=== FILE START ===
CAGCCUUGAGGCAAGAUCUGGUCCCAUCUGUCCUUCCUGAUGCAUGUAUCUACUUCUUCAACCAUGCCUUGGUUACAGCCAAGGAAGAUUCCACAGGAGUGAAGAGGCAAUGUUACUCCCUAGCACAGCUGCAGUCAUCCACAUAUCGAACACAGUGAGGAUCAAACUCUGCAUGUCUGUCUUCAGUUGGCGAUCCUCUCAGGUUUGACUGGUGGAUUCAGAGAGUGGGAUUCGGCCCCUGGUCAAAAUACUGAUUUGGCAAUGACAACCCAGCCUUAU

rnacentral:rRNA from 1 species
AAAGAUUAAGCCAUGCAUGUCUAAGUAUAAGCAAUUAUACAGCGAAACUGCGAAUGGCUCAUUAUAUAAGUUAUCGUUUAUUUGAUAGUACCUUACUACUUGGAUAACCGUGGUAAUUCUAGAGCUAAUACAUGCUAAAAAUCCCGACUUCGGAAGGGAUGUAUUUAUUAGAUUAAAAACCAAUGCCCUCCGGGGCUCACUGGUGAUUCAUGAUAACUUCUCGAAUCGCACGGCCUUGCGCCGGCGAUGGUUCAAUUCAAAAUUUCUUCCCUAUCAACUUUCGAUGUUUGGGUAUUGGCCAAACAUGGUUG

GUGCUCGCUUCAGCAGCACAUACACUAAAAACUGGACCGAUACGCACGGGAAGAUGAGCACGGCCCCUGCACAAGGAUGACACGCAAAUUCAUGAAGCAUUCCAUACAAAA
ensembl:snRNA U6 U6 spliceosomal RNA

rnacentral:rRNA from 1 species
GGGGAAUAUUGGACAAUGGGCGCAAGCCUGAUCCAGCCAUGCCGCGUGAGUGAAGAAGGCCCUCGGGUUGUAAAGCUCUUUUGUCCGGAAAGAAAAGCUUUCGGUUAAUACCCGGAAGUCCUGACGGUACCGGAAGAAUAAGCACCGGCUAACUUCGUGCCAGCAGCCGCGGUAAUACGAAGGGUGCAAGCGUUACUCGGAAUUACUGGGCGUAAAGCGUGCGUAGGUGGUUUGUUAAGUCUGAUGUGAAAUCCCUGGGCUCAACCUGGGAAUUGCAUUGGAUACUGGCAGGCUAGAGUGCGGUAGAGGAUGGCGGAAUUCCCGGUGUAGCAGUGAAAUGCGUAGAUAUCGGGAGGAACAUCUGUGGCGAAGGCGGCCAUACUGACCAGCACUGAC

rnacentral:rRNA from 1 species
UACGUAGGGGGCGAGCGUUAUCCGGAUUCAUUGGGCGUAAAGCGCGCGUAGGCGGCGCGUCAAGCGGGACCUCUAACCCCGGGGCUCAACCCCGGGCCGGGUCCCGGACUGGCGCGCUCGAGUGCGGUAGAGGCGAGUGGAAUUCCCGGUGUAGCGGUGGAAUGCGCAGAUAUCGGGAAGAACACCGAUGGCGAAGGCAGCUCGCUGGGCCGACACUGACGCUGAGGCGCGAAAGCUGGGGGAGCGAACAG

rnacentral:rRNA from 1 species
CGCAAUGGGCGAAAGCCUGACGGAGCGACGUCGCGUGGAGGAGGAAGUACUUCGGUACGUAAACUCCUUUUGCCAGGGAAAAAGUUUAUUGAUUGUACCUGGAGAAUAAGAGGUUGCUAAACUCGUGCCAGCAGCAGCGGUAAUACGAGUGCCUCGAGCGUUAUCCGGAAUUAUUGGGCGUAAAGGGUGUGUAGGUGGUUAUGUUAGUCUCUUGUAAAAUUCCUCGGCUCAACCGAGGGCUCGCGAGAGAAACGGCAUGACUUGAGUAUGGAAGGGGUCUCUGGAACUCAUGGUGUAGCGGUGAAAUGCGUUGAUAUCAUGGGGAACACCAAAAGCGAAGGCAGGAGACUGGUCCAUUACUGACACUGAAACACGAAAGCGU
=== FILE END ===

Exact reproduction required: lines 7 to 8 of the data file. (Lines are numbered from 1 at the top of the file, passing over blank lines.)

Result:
GGGGAAUAUUGGACAAUGGGCGCAAGCCUGAUCCAGCCAUGCCGCGUGAGUGAAGAAGGCCCUCGGGUUGUAAAGCUCUUUUGUCCGGAAAGAAAAGCUUUCGGUUAAUACCCGGAAGUCCUGACGGUACCGGAAGAAUAAGCACCGGCUAACUUCGUGCCAGCAGCCGCGGUAAUACGAAGGGUGCAAGCGUUACUCGGAAUUACUGGGCGUAAAGCGUGCGUAGGUGGUUUGUUAAGUCUGAUGUGAAAUCCCUGGGCUCAACCUGGGAAUUGCAUUGGAUACUGGCAGGCUAGAGUGCGGUAGAGGAUGGCGGAAUUCCCGGUGUAGCAGUGAAAUGCGUAGAUAUCGGGAGGAACAUCUGUGGCGAAGGCGGCCAUACUGACCAGCACUGAC

rnacentral:rRNA from 1 species